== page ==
Offcourse Literary Journal
ISSN 1556-4975 

New Poems by Janet I. Buck.


At the Berlin Zoo


When we were trimming our tree,
thawing a turkey, cubing the bread
for a holiday feast,
a German man hopped the fence
at the Berlin Zoo into the cage
of a bear named “Knut.”
“I felt lonely,” he said; “the bear
appeared lonely too.”



According to newspaper print,
you were rescued much against your will
and suffered terribly from the cold.
What catalyst could drive your arms
to climb that wire? Are you homeless
or widowed, sweeping an attic of grief
you cannot face?
I’m asking questions of concern
that seem so limp as poetry –
letters won’t alter your fate.



I imagine your clothes
as woolen shields too damp
to do their job in a place where
no one has kindly offered you
a blanketed bed or a crackling fire.
I imagine your eyes
as still white votives waiting
for some spark of light.
The moon above you splits
like an acorn hitting stone.
Love without love returned
makes the planetoid just simple rock.
If I could, I would wrap you with words
to render you warm against
the wrath of the ice.




Your Anodyne Voice


I know you hate those Hallmark cards—
would rather scrub your horses’ stalls
than shuffle through mush and sappy praise,
but there’s something I need to say.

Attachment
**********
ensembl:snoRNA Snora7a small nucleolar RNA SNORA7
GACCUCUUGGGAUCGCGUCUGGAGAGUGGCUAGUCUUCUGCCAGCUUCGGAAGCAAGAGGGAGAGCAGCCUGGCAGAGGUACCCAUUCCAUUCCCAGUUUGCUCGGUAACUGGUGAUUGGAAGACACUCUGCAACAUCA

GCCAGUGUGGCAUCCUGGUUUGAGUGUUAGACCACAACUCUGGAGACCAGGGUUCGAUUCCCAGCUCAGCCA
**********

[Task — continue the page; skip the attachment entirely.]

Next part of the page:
We’d never met a year ago—
except by phone—
still you wore my suffering
as if it were tied to your waist.
It was all about getting a leg,
losing the battle and trying again.
The toes of our missing feet
must have touched despite the risk.
You didn’t know me, but you knew.
Because of you I didn’t
have to bottle and cork
a teardrop’s salty waterfall.

As months wear on,
I learn that trust is not mirage,
but simply a fact as firm
as brand new parking lots.
Our late night talks
are salve on wounds we can’t erase,
but laughter always finds its niche
like donut holes that roll away,
then return to sweeten
struggles in our hands.
Now I know why daffodils
survive the freezing temperatures.
There’s something about your voice
that paints the drabbest walls
a color soothing to the eyes.
There’s something about your voice
that carves away an apple’s bruise.



Janet Buck is a seven-time Pushcart Nominee. Her poetry has recently appeared in 2River View, Offcourse, Octavo, The Pedestal Magazine, and hundreds of journals worldwide. Janet's second print collection of poetry, Tickets to a Closing Play, was the winner of the 2002 Gival Press Poetry Award and her third collection, Beckoned By The Reckoning, was released by PoetWorks Press in the spring of 2004. Buck teaches writing courses for Rogue Community College in Southern Oregon.

Janet Buck's writing has appeared numerous times in Offcourse. See the complete list here.

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